Illia Titko near Popasna, Luhansk Oblast, July 19, 2016
It should be noted that his mobilization was an assignment for which he volunteered. As a senior engineer in his company, it was his job to inform fellow workers when they were conscripted into service, and on one occasion, in 2015, he realized that he himself could no longer be a bystander.
Illia Titko writes his book from the perspective of an ordinary citizen soldier who served his term in the army, a man who continued to maintain one foot firmly in the civilian world, even though his new environment was a war zone, and “war is when your entire world is turned upside down”. Therefore, it is very easy for ordinary readers to follow his adventures and to identify with the writer. For example, he speaks of his first assignment as a period of “temporary” duty as deputy commander of the battalion. He exists “temporarily” in the army, although he is very conscious of the fact that he will be a veteran until the end, because his memories and experiences are forever tied to his comrades-in-arms.
For example, Titko comments on the daily ritual of mealtime:
“Initially it reminded me of civilian excursions “into nature”. The big difference was that rather than a benign adventure into the wilderness, for us soldiers it meant a rude awakening of constant danger. The impression of contentment after a good meal on a warm day was replaced by a feeling of stress welling up inside us, and a constant vigilance, because at any moment we might need to reach quickly for our weapons.”
The book’s title – Blood Formula – is a reference to the visceral, physiological changes in the human organism as it experiences intense stress.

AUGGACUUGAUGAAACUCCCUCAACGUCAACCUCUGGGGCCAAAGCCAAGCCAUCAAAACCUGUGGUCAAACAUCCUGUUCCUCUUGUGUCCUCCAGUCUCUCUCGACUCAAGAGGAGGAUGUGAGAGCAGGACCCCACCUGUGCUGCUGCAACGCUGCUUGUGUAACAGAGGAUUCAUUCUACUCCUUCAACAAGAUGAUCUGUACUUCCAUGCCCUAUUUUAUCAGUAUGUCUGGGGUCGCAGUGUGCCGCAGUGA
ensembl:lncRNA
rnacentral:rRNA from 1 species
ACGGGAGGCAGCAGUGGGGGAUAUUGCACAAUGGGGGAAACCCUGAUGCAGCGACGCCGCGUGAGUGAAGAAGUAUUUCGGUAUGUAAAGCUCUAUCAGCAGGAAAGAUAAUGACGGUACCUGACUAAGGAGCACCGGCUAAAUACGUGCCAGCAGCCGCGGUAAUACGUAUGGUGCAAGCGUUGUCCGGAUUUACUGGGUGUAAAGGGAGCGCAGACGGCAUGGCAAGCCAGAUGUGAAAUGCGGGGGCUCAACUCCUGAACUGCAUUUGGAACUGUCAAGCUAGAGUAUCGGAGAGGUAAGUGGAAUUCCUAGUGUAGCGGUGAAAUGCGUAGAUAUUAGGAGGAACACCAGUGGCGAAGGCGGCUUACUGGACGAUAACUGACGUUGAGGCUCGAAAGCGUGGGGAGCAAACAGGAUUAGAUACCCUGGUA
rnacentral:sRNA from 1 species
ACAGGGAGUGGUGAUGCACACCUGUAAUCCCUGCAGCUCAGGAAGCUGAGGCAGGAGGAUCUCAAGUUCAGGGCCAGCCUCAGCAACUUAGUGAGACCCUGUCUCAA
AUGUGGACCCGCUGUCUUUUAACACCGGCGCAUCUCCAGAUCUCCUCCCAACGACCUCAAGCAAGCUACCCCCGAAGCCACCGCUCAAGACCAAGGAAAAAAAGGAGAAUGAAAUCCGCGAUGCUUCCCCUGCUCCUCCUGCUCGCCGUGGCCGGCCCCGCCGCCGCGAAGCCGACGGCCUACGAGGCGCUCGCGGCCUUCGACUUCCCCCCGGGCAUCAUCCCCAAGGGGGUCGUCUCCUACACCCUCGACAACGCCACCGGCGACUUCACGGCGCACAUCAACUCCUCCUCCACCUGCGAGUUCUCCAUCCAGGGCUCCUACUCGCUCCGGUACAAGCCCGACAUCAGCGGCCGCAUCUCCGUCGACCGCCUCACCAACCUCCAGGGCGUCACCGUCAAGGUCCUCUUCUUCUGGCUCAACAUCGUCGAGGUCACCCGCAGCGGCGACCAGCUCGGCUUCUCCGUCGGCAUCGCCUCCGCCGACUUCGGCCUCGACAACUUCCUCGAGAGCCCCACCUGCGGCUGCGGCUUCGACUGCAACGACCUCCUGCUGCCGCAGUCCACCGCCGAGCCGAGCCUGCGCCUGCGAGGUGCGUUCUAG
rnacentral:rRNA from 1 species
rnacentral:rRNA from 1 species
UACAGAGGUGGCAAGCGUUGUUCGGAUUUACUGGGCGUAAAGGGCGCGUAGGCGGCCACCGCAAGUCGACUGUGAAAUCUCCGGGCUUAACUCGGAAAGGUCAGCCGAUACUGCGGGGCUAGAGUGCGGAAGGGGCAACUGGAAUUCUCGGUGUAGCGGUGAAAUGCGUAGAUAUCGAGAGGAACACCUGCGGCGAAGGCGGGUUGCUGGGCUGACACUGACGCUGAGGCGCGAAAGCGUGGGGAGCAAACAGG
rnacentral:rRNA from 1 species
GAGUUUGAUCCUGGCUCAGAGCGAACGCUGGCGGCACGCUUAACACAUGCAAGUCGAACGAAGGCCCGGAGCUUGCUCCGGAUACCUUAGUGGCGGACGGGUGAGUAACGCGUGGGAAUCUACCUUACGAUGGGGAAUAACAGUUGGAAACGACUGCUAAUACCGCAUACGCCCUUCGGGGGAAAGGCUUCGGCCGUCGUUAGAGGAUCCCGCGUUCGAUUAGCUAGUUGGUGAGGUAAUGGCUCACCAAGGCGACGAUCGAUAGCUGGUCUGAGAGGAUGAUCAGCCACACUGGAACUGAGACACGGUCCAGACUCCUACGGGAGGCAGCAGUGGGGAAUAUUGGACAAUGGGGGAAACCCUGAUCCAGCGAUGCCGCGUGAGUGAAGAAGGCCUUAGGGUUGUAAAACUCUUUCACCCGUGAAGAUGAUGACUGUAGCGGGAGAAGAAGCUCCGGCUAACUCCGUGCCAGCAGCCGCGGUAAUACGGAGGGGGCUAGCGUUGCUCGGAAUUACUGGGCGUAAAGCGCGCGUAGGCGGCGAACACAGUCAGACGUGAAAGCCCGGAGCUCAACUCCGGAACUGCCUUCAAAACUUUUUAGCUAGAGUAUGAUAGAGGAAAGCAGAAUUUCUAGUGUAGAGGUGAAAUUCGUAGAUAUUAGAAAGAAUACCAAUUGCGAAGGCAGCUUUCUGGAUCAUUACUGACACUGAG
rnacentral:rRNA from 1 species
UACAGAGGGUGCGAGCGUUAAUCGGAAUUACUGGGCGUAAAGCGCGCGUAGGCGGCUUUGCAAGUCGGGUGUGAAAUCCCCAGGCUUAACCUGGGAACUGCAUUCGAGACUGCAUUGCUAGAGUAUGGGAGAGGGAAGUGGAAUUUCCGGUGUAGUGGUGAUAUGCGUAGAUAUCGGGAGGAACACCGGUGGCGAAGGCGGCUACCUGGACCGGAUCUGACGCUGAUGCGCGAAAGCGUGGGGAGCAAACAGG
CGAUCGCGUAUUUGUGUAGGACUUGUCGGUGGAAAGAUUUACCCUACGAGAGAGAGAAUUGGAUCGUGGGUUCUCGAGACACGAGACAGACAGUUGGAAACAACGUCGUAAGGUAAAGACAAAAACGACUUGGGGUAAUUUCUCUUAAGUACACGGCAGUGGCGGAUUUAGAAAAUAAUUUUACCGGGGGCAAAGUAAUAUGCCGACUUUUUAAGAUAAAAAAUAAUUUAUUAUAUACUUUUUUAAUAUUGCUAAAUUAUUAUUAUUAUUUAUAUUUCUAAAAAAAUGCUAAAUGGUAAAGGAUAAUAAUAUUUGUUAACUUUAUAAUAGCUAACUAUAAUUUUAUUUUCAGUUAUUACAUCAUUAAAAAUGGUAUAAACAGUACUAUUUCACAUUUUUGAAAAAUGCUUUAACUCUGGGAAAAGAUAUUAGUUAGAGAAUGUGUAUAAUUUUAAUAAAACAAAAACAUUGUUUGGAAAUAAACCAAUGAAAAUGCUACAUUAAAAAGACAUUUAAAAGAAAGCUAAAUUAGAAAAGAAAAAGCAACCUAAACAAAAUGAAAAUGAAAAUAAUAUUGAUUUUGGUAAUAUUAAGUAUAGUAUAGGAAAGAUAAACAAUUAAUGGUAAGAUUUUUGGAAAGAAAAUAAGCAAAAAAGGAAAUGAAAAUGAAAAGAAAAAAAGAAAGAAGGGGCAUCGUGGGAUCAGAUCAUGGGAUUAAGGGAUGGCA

“We set our course for the front. And while it was still far off in the distance, I could already feel the chill of fear knotting my stomach.”
The book includes many detailed examples of incidents that are now a contingent part of service in the Ukrainian army. For 13 months, Titko lived at front-line positions near Popasna, Luhansk Oblast, in eastern Ukraine. Additionally, he engages in the difficult work of self-reflection and search for meaning in wartime conditions. He writes, for example, the following:
“I got to know my men. I became familiar with the territory. I would study enemy positions with interest and trepidation. I tried to understand this enemy, and resisted the feeling of fear within me that I experienced as a civilian, but encouraged the firm control of a soldier who must come to terms with the fact that there’s a war. And, the reason for this war can be seen in those not-too-distant trenches and observation posts, in those individuals formerly known as our “brothers”, who have metamorphosed into inhuman animals and enemies.”
On her Facebook page, Titko’s daughter, Olena Kusmirchuk, summarizes her father’s book in the following way:
“In this book, you’ll find reflections, insights, self-analysis, stories of military exercises and training, as well as the difficulties of adapting to military life.”